Citizenship provides individuals a status of membership to a nation-state. Loss and acquisition of citizenship falls under the purview of sovereign State. Under nationality policy, State provides citizenship to a person by place of birth (jus soli), by descent from a one or both parents who are nationals of the concerned State (jus sanguinis), or by naturalization. Based on citizenship, or nationality, classification of peoples and distribution in polities across the globe is determined. The concept of citizenship is associated with three fundamental issues. These are “how the boundaries of membership within a polity and between polities should be defined; how the benefits of and burdens of membership should be allocated; and how the identities of membership should be comprehended and accommodated.” [3].

Individuals linked to a sovereign country hold the legal bond of nationality which results in mutual rights and duties. On the basis of this legal bond, citizens enjoy the full political rights including right to vote and are entitled to get protection from the State, particularly protection in abroad. A long tradition of enjoying citizenship can unite the members of a polity under any sort of challenges. Citizenship also fosters a form of identification and social integration. In liberal society, citizenship gives a sense of solidarity that avoids the divisiveness of ethnic, racial, and religious affiliations or membership to minority group. Due to the movement of people across the world, the notion of citizenship is getting more significance in international political arena. “Although citizenship has traditionally been conceived as primarily a domestic concern of states, the reality of immigration and emigration, the formation of such supranational bodies as the European Union (EU), the formation of new successor states, the movement of refugee populations, and the codification of international human rights norms has prompted increasing recognition of citizenship as a transnational matter.” [3].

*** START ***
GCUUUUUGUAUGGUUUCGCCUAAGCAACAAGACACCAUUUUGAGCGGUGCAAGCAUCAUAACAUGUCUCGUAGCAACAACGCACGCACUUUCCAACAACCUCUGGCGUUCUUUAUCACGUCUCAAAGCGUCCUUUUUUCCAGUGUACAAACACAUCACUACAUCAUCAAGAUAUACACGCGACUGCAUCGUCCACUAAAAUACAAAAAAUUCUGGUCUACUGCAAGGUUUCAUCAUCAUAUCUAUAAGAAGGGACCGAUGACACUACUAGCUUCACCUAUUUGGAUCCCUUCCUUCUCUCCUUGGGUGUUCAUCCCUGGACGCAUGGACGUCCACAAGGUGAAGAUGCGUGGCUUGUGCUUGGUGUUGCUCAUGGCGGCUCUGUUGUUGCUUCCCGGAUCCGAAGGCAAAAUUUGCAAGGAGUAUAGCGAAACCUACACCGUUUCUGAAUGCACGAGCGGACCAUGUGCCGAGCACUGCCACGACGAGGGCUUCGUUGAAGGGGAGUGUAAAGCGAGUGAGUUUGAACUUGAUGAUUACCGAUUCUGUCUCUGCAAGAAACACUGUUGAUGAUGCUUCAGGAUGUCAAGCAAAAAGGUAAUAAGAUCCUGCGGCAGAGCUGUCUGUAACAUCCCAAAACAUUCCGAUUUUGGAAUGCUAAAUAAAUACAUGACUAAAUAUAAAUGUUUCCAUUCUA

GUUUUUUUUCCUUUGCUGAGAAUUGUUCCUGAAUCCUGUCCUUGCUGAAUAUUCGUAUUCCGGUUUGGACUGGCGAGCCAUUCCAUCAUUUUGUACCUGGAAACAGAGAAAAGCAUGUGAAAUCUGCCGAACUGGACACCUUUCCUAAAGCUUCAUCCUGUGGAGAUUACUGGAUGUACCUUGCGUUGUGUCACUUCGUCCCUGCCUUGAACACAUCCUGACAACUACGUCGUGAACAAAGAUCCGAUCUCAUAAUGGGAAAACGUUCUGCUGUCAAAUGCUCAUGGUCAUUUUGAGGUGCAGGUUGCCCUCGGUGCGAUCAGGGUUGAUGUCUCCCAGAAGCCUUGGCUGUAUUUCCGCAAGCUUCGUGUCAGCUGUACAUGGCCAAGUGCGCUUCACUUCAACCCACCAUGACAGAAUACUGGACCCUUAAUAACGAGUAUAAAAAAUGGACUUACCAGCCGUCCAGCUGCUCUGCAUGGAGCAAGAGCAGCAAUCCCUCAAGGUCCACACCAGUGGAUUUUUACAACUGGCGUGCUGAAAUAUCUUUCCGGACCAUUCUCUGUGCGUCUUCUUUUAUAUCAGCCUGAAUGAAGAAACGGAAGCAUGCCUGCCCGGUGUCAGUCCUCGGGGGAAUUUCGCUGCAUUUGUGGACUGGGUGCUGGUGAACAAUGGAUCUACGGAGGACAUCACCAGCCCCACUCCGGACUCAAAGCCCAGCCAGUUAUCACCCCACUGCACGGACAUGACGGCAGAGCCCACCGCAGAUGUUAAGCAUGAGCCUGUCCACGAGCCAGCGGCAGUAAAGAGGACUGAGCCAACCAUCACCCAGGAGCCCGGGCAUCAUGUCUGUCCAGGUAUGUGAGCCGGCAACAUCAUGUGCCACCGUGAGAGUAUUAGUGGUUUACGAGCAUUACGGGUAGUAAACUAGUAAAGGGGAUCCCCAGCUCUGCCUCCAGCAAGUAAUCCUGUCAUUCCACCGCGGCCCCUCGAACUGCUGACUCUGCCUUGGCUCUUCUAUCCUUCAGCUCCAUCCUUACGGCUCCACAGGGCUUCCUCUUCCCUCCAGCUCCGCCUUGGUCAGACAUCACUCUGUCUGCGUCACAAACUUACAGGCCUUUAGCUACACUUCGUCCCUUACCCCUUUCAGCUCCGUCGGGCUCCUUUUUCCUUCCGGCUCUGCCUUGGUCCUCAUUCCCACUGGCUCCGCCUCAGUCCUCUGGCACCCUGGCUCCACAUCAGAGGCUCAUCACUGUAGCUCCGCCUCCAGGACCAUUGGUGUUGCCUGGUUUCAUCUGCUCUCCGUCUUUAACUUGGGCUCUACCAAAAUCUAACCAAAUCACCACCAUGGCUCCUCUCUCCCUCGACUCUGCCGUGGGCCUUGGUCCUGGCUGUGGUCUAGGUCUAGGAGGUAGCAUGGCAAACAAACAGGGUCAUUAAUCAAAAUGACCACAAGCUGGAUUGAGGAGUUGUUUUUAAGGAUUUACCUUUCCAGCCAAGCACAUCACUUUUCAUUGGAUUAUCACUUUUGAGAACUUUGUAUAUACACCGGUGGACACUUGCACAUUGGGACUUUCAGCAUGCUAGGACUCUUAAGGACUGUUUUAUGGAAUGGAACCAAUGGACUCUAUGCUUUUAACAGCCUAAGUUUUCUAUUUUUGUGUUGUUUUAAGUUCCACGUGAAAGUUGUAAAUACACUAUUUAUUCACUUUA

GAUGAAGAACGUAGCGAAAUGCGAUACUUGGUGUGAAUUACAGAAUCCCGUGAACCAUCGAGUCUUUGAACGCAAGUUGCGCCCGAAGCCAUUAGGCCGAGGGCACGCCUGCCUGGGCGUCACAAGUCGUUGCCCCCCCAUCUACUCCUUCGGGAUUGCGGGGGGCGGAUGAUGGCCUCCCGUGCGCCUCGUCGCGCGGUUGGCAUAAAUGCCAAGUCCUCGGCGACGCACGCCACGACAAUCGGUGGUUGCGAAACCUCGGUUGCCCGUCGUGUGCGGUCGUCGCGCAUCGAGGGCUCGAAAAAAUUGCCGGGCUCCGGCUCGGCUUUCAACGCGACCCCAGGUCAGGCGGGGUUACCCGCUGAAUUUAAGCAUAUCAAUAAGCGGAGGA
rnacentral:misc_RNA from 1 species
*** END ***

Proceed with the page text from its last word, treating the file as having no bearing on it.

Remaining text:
On the contrary, statelessness takes away the identity of an individual and so, no membership to any polity and no question of allocation of benefits. They do not have the same rights and opportunities enjoyed by the citizens of a nation-state. Article of 1 of 1954 Convention Relating the Status of Stateless Persons defines a stateless person as an individual who is “not considered as a national by any state under the operation of its law”. Some stateless persons are also refugees who have been forced to leave their country of origin. Unlike the nationals, stateless people do not hold any legal bond with any nation-state. They cannot enjoy the rights which are entitled to the citizens or nationals. Stateless people are denied government-issued identification, health care, freedom of movement, and are prevented from getting formal jobs, enrolling in a school, or even get married. “Denial of these rights impacts not only the individuals concerned but also society as a whole, in particular because excluding an entire sector of the population can lead to social tensions and significantly impair economic and social development.” [4].

3. What Causes Statelessness?

In principle, it is the nation-state that regulates the acquisition and loss of its nationality. There are diverse reasons of statelessness which are consistent worldwide. Cleaning of unwanted people based on religious identity so far has been one of the main causes of statelessness [5]. State policy aimed at suppression of certain religious or ethnic minority group creates statelessness. For instances, the Rohingyas became stateless through the controversial Citizenship rules, 1982 in Myanmar and the Kurds in Syria became stateless in 1962 through a controversial census.